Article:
In the fractal realities of Tzeentch’s labyrinth, time and space are subverted. Years pass in the blink of an eye and prisoners of these chaotic realms find themselves spontaneously vomited out into planes of existence very different from those they left behind.
In the world that was, I was working on a Chaos Sorcerer and a mutant flock of Forsaken. Now, these warped servants of Tzeentch find themselves fully painted and reborn into the Mortal Realms. Let’s take a look.
When I was a kid first getting into Warhammer, Chaos armies used to be eclectic collections of all sorts of weird and wonderful creatures. Beastmen marched to war beside hunchbacked Chaos Warriors, enigmatic Chaos Champions and outlandish Daemons that were only available via mail order! Chaos is at its most magnificent when it is truly undivided. The opportunity to take wildly divergent units and unite them with a strong colour scheme is the perfect hobby challenge for me. So this time I’ve been working on some Bestigor as a bodyguard for my Great Bray-Shaman.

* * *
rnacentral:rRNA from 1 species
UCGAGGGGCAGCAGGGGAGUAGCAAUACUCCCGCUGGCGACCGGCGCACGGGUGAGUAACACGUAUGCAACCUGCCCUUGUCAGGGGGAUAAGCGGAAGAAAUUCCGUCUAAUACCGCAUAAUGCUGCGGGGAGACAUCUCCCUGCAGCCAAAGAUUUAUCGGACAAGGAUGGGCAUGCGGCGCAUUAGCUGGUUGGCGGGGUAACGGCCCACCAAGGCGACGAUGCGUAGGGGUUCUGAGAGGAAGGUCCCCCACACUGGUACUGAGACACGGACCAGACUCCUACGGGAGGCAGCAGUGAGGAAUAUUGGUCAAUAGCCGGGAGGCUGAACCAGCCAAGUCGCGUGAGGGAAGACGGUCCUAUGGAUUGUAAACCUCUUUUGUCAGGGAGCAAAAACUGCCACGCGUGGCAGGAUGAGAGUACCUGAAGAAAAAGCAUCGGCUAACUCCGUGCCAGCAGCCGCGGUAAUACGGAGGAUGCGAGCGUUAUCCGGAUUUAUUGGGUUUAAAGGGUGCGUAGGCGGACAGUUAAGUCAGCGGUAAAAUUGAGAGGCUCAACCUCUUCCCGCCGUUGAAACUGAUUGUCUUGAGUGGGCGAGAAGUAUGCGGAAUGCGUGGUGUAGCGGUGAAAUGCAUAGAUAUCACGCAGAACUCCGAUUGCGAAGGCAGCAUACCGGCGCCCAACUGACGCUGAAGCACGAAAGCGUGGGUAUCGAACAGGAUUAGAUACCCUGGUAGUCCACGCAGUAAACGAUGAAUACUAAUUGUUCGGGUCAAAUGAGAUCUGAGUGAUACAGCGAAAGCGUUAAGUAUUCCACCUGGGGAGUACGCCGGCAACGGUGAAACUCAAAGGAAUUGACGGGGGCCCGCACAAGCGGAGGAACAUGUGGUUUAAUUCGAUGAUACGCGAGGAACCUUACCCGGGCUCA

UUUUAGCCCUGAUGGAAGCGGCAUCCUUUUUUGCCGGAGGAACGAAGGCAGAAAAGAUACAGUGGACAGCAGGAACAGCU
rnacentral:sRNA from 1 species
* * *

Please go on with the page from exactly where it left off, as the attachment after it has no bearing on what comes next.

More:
Most people paint their Beastmen with rusted and corroded battlegear, as if scavenged or primitively made. I’ve painted mine in the same shimmering bronze as my other Tzeentch aligned units. Although they aren’t how I picture Tzaangor to look (that requires a lot of modelling putty), I like how they fit into the rest of the army.
I imagine that their loyalty to my Chaos Lord has been bought with the newly forged armour that they wear. By contrast their foe-rending Great Axes are worn and dulled with the blood of countless battles.